According to a forecast from Los Alamos National Laboratory, New Mexico could have 170 additional COVID-related deaths by Aug. 8.
“We’re definitely handling the largest volume (of sample collections) in Albuquerque,” Mozes said. “We do have people who show up hours in advance of our opening time, but that was the case prior to the influx we’re seeing now.”
Ordinarily, the Balloon Fiesta Park site is open weekdays from 7 a.m. to 3 p.m., and 7 a.m. to 1 p.m. on weekends. On Tuesday, Mozes said, “we closed the line at about 9:15 a.m. because the line was out to Alameda, and based on that we knew, some people would be waiting five or six hours.”
On Wednesday, the site closed at 11 a.m., so it could be reconfigured to improve traffic flow.
Security teams, she said, try to estimate when to start turning vehicles away in anticipation of the closing time.
People who have a provider order for a pre-surgical COVID test will be directed into a fast-track line, Mozes said. Still, because of the large number of vehicles that go through the site, she recommended that people come prepared, with a full tank of gas, water and some snacks. Portable toilets are available at the test site.
Ross said the Lovelace site is open each Monday, Wednesday and Friday from 7 a.m. to noon. As at other testing sites in the state, anyone can be tested and there is no upfront cost, whether or not they have insurance or symptoms.
“I think the citizens of this state are seeing what’s going on in Arizona and Texas, and since we slowly started reopening, people are more cautious of what that means in terms of the spread of the virus,” resulting in more people seeking to be tested, Ross said.
TriCore, which analyzes the vast majority of samples from test sites around the state, including Balloon Fiesta Park, Lovelace and UNMH, updates its data every hour to the DOH, said Robin Divine, chief business development officer.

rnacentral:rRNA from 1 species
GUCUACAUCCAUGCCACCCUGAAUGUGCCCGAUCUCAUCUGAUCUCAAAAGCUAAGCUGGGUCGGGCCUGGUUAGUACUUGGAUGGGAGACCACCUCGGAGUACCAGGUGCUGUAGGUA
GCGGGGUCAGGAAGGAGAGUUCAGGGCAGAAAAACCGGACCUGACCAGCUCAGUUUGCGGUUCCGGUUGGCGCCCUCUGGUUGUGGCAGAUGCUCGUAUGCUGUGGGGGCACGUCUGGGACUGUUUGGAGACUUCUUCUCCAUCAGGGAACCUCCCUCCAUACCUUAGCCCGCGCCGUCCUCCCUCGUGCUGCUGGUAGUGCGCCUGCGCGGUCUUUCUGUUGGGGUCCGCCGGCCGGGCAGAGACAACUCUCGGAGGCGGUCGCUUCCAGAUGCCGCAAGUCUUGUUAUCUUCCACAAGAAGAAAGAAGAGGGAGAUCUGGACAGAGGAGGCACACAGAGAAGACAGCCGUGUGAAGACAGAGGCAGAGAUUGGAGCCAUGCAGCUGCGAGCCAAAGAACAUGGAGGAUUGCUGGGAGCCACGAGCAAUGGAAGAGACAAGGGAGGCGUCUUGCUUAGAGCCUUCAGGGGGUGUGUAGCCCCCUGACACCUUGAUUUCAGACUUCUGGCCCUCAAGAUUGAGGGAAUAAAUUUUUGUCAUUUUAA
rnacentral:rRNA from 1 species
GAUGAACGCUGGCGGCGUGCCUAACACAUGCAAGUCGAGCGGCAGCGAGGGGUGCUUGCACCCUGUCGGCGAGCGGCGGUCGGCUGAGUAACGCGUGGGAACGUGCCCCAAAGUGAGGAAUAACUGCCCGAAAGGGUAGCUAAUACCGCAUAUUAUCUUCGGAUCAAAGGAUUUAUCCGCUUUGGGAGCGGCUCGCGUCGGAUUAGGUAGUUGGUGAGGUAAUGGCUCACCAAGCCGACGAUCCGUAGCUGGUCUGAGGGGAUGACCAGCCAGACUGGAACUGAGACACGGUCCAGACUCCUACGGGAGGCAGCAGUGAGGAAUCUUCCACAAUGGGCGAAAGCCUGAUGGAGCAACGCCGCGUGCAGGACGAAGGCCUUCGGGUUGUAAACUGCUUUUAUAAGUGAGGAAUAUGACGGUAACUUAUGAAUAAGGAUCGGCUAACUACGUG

TriCore has 17 patient care centers in the Albuquerque area and 32 throughout New Mexico. From June 4 through July 7, the number of samples it has processed increased by 77%, she said.
While none of the operators of the test sites said they are currently experiencing shortages of testing supplies, Divine acknowledged that “during this entire event, we have had bouts of supply shortages,” which might include collection kit supplies, nasal swabs or “reagent” supplies that are used in processing the specimens. She noted the shortages are not just in New Mexico, but also occur nationally.
“It’s an ongoing challenge. Supplies come from vendors, but we also work collaboratively with the state lab division at DOH and we have shared supplies with each other, trying to keep the testing going on throughout New Mexico.”
TriCore does not process samples collected at the 10 CVS Pharmacy drive-through test sites in New Mexico, six of them in Albuquerque. Those samples are sent to “offsite independent third-party labs who are responsible for processing and delivering the results, which we then communicate to patients,” said company spokeswoman Monica Prinzing.
The increased demand for testing has caused backlogs for CVS’s lab partners “and is delaying their processing of patient samples,” so it can take up to seven days for people to receive their results, Prinzing said.
Staff writer Matthew Reisen contributed to this story.